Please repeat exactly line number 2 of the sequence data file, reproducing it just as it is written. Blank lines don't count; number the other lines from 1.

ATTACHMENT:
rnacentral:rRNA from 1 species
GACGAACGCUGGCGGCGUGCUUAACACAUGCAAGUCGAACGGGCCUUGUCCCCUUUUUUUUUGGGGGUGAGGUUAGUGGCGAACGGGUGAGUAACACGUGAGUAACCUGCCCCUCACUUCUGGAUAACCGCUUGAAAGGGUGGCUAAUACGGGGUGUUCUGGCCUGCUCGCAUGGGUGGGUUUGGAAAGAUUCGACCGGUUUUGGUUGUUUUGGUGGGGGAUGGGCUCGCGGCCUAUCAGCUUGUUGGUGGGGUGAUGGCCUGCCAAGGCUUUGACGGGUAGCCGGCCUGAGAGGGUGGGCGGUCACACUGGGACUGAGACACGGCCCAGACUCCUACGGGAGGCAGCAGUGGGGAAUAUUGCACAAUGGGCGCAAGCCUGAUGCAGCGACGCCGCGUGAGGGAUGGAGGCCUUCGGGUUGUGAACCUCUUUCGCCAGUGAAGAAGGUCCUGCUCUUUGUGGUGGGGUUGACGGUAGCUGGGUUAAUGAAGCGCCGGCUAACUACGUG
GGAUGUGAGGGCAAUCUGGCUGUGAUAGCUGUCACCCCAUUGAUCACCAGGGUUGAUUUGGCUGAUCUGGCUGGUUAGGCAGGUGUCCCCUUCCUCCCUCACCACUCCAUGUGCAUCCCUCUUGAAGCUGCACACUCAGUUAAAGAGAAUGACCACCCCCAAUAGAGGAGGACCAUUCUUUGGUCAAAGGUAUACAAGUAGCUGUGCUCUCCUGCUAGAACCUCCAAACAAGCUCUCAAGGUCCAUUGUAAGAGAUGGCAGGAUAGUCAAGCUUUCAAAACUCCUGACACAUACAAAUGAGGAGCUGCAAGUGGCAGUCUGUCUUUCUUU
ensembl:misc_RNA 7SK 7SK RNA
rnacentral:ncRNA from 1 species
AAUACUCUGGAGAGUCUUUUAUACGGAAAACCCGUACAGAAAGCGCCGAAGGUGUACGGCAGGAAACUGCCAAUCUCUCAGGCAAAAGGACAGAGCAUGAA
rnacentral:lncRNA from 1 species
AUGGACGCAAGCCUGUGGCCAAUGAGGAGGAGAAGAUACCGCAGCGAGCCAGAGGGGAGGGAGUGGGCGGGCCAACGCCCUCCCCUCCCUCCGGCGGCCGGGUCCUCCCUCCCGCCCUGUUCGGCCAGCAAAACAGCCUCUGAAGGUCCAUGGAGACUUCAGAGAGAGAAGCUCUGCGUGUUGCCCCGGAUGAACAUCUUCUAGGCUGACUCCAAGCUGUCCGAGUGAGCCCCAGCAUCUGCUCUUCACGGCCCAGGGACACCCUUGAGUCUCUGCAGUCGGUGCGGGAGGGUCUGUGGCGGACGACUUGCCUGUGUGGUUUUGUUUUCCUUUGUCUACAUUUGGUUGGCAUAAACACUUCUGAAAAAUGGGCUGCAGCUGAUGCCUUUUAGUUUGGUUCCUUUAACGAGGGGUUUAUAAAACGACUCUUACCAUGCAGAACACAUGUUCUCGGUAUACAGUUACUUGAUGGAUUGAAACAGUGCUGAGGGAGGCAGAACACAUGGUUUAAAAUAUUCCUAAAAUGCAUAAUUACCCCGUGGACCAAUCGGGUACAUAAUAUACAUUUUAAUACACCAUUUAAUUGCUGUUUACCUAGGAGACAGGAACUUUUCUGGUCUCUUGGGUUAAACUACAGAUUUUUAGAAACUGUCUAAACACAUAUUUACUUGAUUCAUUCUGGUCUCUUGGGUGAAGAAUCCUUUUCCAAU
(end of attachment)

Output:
GACGAACGCUGGCGGCGUGCUUAACACAUGCAAGUCGAACGGGCCUUGUCCCCUUUUUUUUUGGGGGUGAGGUUAGUGGCGAACGGGUGAGUAACACGUGAGUAACCUGCCCCUCACUUCUGGAUAACCGCUUGAAAGGGUGGCUAAUACGGGGUGUUCUGGCCUGCUCGCAUGGGUGGGUUUGGAAAGAUUCGACCGGUUUUGGUUGUUUUGGUGGGGGAUGGGCUCGCGGCCUAUCAGCUUGUUGGUGGGGUGAUGGCCUGCCAAGGCUUUGACGGGUAGCCGGCCUGAGAGGGUGGGCGGUCACACUGGGACUGAGACACGGCCCAGACUCCUACGGGAGGCAGCAGUGGGGAAUAUUGCACAAUGGGCGCAAGCCUGAUGCAGCGACGCCGCGUGAGGGAUGGAGGCCUUCGGGUUGUGAACCUCUUUCGCCAGUGAAGAAGGUCCUGCUCUUUGUGGUGGGGUUGACGGUAGCUGGGUUAAUGAAGCGCCGGCUAACUACGUG